The Best New Books of March
Feeling the need to get out into the sunshine for as long as humanly possible after the winter? If it’s still too cold, here are some books about other people doing that.
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You ever get wiggly in the spring? Like you’re about to jump out of your skin if you don’t go outside and move around? Maybe it’s the changing light or the longer days, but the interlude between winter and spring can make that feeling even worse. To fill the gap, here’s a batch of books to keep you inside a little longer while quelling your need to explore: true adventure tales, high-tension novels, and desert-focused essays.
‘The Lost Boys,’ by Gina Perry
The Lost Boys starts out brutal and insidious, with a hint of violence: two boys at a summer camp are in a knock-down, drag-out fight. It feels like Lord of the Flies, but it’s nonfiction. The book explores the controversial Robbers Cave Experiment, a 1954 social-psychology test in which two groups of 12-year-old boys were pitted against each other at a summer camp so psychologist Muzafer Sharif could test theories about intertribal conflict. Perry writes about Sharif’s complicated past, why he was able to carry out the test, and how the boys banded against each other at the camp. But she also digs into the theory behind it, which feels spookily relevant now: the idea that we easily pick sides based on arbitrary circumstances, and that can lead to violence.
‘Fall Back Down When I Die,’ by Joe Wilkins
In eastern Montana, ahead of the state’s first legal wolf hunt, ranch hand Wendell Newman takes custody of his incarcerated cousin’s developmentally disabled boy. His story is interwoven with that of the hunt, his own father’s escape from the law, and the broader struggles of a disenfranchised rural community. Wilkins’s novel feels insightful amid the ongoing debate over public land and legal rights, but it’s also timeless, and it treads the same kind of territory as writers like Kent Haruf and Ivan Doig, digging into quiet stories of people living close to the land.
‘The Sun Is a Compass,’ by Caroline Van Hemert
In 2012, after burning out on her biology-lab work, Caroline Van Hemert and her husband, Pat, trekked 4,000 miles across the length and width Alaska. The story of their trip is worth telling on its own, but Van Hemert’s eye for detail—she’s a bird biologist at heart—pushes The Sun Is a Compass into something more interesting than a straightforward adventure narrative. She paints a vivid picture of the landscape they walked, biked, and paddled through, but she also patiently and clearly examines why she felt the need to go. In less careful hands, the story could have come off as self-centered, but she makes it relatable and honest.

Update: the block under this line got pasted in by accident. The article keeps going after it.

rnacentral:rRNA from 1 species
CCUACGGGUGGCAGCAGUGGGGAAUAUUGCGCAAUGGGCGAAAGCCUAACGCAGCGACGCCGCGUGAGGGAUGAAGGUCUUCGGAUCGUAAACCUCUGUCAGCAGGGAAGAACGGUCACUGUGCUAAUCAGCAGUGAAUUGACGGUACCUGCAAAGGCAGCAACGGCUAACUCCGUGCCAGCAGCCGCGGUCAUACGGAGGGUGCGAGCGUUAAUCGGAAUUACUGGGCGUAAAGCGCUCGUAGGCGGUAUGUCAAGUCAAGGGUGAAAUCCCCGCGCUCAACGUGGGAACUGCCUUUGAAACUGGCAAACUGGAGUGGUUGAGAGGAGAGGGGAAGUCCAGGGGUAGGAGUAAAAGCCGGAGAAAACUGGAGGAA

‘She Explores,’ by Gale Straub
If you’ve followed Straub’s popular podcast of the same name as her book, you might be familiar with the way she pulls stories out of her subjects, turning something that seems simple, like a thru-hike, into a discussion about bias and belief on the trail. She Explores, the book, takes a similar tack. It’s an amalgam of stories, starting with Straub’s own, about women outside: artists, climate activists, park rangers, and more. It’s a kaleidoscopic look at what drives people toward adventure and the nontraditional lives they build along the way. Doesn’t hurt that it’s full of beautiful photos, too.
‘Seasons: Desert Sketches,’ by Ellen Meloy
“I have just stapled my hair to the roof.” So begins Meloy’s posthumous book of short essays, and her observations on life and nature in the southwestern Utah desert just get pithier from there. Tacked headfirst to the tar paper, she considers the turkey vultures circling overhead, the Navajo who built houses here before her, and the culture of work in the desert in a way that’s poignant, funny, weird, and true. These might be some of her last unpublished pieces to be uncovered, but that makes each little story feel like a gift.
‘A Desert Harvest,’ by Bruce Berger
While Meloy’s essays are sharp and focused, Berger’s book of memoir-esque writing pulls in other people’s and his own experiences since he first visited Phoenix as an eight-year-old from Chicago and was transfixed by the light and the heat. It’s a look at why and how he fell in love with a landscape, and how that place, even in its harshness and desolation, can become the background for all your stories.